"But when he did not confess?"
"I have always clung to the hope. I have prayed day and night that he might still confess. Sinners do repent sometimes, Magdalen."
There was a terrible silence, during which several fixtures in Magdalen's mind had to be painfully and swiftly moved, and carefully safeguarded into new positions. Magdalen became very white in the process.
At last she said, "Did Andrea know that Michael was innocent of the murder?"
"I never thought so at the time, but just before he died he said something cruel to me which shewed he knew Michael's innocence for certain, had known it from the first."
"Then if he knew Michael had not murdered the Marchese, how do you suppose he accounted for his being hidden in your rooms at midnight, after he had ostensibly left the house?"
Fay stared at her sister aghast.
"I never thought of that," she said.
"What can Andrea have thought of that?"
"Andrea was very secretive," faltered Fay. "You never could tell what he was thinking. And I was the last person he ever told things to. Roman Catholics are like that. The priest knows everything instead of the wife."
There was another silence.
Magdalen's question vaguely alarmed Fay. Natures such as hers if given time will unconsciously whittle away all the sinister little incidents that traverse and render untenable the position in which they have taken refuge. They do not purposely ignore these conflicting memories, but they don't know what has weight and what has not, and they refuse to weigh them because they cannot weigh anything. Their minds, quickly confused at the best of times, instinctively select and retain all they remember that upholds their own view of the situation and—discard the rest.
Fay could not answer Magdalen's trenchant question. She could only restate her own view of her husband's character.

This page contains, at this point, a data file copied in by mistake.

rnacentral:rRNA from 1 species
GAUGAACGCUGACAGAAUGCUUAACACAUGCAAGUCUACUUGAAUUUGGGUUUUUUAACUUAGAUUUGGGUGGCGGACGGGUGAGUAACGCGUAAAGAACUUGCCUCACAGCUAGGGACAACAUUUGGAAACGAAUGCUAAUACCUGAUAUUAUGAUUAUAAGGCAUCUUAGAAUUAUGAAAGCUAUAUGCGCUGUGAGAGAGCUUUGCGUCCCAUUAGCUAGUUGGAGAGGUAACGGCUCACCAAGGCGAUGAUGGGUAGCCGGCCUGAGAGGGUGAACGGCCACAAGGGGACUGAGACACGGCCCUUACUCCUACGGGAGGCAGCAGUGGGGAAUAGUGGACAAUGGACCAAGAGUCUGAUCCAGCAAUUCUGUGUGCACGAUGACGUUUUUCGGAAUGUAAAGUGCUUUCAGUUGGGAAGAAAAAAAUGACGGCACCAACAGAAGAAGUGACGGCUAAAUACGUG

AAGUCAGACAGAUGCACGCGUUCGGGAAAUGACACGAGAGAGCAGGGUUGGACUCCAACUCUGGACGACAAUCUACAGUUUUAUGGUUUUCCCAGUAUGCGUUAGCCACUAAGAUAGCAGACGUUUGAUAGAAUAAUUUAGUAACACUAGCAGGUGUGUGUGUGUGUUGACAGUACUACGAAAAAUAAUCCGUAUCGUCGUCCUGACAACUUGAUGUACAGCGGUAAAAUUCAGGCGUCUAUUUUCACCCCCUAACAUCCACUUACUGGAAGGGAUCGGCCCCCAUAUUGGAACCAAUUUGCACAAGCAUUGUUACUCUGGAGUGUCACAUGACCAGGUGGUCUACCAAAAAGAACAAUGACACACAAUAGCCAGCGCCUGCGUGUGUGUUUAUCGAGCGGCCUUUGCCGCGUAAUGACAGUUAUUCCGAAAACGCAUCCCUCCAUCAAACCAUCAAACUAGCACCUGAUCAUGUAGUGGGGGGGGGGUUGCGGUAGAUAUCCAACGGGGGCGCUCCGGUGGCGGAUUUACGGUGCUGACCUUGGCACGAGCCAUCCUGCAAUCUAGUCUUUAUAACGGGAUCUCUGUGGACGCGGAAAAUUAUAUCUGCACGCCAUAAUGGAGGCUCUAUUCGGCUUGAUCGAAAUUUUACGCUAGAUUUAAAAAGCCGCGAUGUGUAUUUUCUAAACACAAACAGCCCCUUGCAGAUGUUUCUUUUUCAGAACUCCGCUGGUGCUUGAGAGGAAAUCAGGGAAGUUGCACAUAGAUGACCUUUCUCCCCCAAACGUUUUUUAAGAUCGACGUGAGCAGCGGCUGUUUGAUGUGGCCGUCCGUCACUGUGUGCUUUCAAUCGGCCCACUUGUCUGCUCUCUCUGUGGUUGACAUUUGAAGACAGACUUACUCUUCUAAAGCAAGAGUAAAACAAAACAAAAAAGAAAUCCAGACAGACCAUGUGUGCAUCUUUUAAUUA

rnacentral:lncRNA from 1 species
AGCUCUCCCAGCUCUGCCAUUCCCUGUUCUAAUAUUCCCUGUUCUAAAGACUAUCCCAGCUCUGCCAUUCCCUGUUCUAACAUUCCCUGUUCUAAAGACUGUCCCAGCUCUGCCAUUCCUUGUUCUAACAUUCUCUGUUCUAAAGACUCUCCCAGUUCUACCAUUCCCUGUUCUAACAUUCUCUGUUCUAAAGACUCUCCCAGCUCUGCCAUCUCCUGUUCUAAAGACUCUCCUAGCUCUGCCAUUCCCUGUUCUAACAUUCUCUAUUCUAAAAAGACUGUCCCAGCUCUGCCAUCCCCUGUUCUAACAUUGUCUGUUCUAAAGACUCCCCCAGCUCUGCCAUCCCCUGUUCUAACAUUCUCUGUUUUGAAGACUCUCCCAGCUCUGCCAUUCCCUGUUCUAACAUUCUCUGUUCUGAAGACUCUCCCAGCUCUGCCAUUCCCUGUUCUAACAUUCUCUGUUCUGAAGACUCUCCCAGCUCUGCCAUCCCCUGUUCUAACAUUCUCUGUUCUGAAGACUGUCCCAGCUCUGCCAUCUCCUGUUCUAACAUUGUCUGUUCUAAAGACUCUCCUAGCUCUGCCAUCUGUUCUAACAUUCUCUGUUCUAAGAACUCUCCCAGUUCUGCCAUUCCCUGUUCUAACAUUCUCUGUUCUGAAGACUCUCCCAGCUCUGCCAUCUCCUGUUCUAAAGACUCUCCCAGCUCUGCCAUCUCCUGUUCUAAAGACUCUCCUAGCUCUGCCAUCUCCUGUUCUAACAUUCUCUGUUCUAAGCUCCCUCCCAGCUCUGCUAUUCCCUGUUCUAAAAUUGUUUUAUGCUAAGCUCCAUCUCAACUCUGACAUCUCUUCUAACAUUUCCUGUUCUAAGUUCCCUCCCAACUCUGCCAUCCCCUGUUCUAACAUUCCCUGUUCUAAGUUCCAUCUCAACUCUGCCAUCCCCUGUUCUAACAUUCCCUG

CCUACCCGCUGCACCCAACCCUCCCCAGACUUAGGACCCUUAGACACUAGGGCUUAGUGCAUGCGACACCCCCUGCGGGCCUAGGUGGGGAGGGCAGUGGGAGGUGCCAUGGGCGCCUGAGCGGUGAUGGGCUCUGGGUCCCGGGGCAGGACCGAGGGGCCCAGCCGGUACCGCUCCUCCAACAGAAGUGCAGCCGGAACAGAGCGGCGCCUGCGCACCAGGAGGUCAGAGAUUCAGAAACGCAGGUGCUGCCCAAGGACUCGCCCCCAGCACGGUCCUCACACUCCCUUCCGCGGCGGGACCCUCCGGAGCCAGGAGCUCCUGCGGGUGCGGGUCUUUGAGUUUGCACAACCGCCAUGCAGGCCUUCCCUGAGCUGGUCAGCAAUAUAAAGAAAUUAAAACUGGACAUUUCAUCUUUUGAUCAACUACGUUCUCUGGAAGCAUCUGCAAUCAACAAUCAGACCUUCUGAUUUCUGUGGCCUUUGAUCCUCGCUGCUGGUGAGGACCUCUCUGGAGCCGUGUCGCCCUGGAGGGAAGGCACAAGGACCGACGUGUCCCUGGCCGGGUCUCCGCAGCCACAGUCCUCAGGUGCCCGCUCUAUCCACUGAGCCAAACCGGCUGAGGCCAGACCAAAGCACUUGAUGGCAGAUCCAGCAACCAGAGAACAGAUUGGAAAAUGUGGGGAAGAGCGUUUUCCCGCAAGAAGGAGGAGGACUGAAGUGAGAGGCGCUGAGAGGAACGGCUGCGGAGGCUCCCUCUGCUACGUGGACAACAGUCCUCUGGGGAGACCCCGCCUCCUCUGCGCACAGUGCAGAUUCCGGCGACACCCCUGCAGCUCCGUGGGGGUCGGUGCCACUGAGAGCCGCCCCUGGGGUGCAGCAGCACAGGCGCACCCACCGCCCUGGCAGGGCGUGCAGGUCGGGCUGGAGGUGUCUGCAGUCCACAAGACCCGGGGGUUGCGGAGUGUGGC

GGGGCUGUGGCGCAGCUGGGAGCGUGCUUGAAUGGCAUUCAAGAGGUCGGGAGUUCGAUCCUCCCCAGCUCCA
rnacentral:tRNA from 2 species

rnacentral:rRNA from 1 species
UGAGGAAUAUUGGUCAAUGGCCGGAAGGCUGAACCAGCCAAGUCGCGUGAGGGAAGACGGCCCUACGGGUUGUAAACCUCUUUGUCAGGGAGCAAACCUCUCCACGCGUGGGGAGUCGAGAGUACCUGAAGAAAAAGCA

Magdalen did not make large demands on the truthfulness of others if they had very little of it. She did not repeat her question. She waited a moment, and then said:
"You seem to think that Andrea never guessed the attachment between yourself and Michael. But he must have done so. And if he had not guessed it till Michael was found in your rooms, at any rate he knew it then—for certain. For certain, Fay. Remember that is settled. There was no other possible explanation of Michael's presence there, if you bar the murder explanation, which is barred as far as Andrea is concerned. Now from first to last Andrea retained his respect for Michael and his belief in your innocence in circumstances which would have ruined you in the eyes of most husbands. You say Andrea did not understand you or do you justice. On the contrary, it seems to me he acted towards you with great nobility and delicacy."
Fay was vaguely troubled. Her deep, long-fostered dislike of her husband must not be shaken in this way. She could not endure to have any fixtures in her mind displaced. So much depended on keeping the whole tightly wedged fabric in position.
"You don't know what cruel words he said to me on his deathbed," she said. "I don't call it nobility and delicacy never to give me the least hint till the day he died that he knew why Michael was in prison."